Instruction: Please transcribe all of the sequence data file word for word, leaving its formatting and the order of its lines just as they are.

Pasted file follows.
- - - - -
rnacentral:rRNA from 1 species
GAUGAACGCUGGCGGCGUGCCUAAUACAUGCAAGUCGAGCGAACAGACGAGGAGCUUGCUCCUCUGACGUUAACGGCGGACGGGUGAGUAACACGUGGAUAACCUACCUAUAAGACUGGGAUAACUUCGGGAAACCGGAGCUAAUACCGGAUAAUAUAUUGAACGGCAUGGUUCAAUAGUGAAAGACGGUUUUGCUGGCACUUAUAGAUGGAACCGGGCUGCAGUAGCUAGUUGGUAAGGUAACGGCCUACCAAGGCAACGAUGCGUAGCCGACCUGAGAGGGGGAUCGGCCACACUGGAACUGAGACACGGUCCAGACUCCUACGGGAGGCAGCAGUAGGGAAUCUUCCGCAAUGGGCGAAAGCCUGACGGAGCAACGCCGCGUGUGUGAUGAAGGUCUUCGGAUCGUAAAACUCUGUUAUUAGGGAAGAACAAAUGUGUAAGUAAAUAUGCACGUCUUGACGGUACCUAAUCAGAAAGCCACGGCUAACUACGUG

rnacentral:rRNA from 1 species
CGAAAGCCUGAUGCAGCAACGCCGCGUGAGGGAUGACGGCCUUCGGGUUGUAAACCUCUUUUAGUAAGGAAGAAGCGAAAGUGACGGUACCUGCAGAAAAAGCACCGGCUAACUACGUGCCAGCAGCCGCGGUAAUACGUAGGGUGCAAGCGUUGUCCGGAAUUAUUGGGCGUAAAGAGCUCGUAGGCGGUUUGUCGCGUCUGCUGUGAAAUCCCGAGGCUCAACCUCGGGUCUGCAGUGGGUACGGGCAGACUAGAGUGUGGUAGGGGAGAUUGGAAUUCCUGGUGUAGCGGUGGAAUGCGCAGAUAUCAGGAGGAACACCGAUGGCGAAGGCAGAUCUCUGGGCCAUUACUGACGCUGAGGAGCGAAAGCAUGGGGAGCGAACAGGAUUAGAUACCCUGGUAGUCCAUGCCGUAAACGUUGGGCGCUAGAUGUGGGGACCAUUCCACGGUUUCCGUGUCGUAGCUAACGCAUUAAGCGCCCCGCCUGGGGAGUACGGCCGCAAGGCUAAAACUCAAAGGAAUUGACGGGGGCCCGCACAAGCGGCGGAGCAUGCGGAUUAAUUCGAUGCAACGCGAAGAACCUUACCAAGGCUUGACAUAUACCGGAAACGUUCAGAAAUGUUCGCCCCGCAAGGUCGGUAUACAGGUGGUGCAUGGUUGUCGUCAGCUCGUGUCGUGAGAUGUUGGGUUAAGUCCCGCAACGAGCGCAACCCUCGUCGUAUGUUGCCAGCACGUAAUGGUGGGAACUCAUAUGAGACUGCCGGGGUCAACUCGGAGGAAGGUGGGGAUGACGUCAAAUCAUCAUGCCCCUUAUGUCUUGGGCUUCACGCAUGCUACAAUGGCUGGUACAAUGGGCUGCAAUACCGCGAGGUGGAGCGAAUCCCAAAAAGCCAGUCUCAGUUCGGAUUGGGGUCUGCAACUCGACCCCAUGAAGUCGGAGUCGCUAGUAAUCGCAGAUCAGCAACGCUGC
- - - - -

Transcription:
rnacentral:rRNA from 1 species
GAUGAACGCUGGCGGCGUGCCUAAUACAUGCAAGUCGAGCGAACAGACGAGGAGCUUGCUCCUCUGACGUUAACGGCGGACGGGUGAGUAACACGUGGAUAACCUACCUAUAAGACUGGGAUAACUUCGGGAAACCGGAGCUAAUACCGGAUAAUAUAUUGAACGGCAUGGUUCAAUAGUGAAAGACGGUUUUGCUGGCACUUAUAGAUGGAACCGGGCUGCAGUAGCUAGUUGGUAAGGUAACGGCCUACCAAGGCAACGAUGCGUAGCCGACCUGAGAGGGGGAUCGGCCACACUGGAACUGAGACACGGUCCAGACUCCUACGGGAGGCAGCAGUAGGGAAUCUUCCGCAAUGGGCGAAAGCCUGACGGAGCAACGCCGCGUGUGUGAUGAAGGUCUUCGGAUCGUAAAACUCUGUUAUUAGGGAAGAACAAAUGUGUAAGUAAAUAUGCACGUCUUGACGGUACCUAAUCAGAAAGCCACGGCUAACUACGUG

rnacentral:rRNA from 1 species
CGAAAGCCUGAUGCAGCAACGCCGCGUGAGGGAUGACGGCCUUCGGGUUGUAAACCUCUUUUAGUAAGGAAGAAGCGAAAGUGACGGUACCUGCAGAAAAAGCACCGGCUAACUACGUGCCAGCAGCCGCGGUAAUACGUAGGGUGCAAGCGUUGUCCGGAAUUAUUGGGCGUAAAGAGCUCGUAGGCGGUUUGUCGCGUCUGCUGUGAAAUCCCGAGGCUCAACCUCGGGUCUGCAGUGGGUACGGGCAGACUAGAGUGUGGUAGGGGAGAUUGGAAUUCCUGGUGUAGCGGUGGAAUGCGCAGAUAUCAGGAGGAACACCGAUGGCGAAGGCAGAUCUCUGGGCCAUUACUGACGCUGAGGAGCGAAAGCAUGGGGAGCGAACAGGAUUAGAUACCCUGGUAGUCCAUGCCGUAAACGUUGGGCGCUAGAUGUGGGGACCAUUCCACGGUUUCCGUGUCGUAGCUAACGCAUUAAGCGCCCCGCCUGGGGAGUACGGCCGCAAGGCUAAAACUCAAAGGAAUUGACGGGGGCCCGCACAAGCGGCGGAGCAUGCGGAUUAAUUCGAUGCAACGCGAAGAACCUUACCAAGGCUUGACAUAUACCGGAAACGUUCAGAAAUGUUCGCCCCGCAAGGUCGGUAUACAGGUGGUGCAUGGUUGUCGUCAGCUCGUGUCGUGAGAUGUUGGGUUAAGUCCCGCAACGAGCGCAACCCUCGUCGUAUGUUGCCAGCACGUAAUGGUGGGAACUCAUAUGAGACUGCCGGGGUCAACUCGGAGGAAGGUGGGGAUGACGUCAAAUCAUCAUGCCCCUUAUGUCUUGGGCUUCACGCAUGCUACAAUGGCUGGUACAAUGGGCUGCAAUACCGCGAGGUGGAGCGAAUCCCAAAAAGCCAGUCUCAGUUCGGAUUGGGGUCUGCAACUCGACCCCAUGAAGUCGGAGUCGCUAGUAAUCGCAGAUCAGCAACGCUGC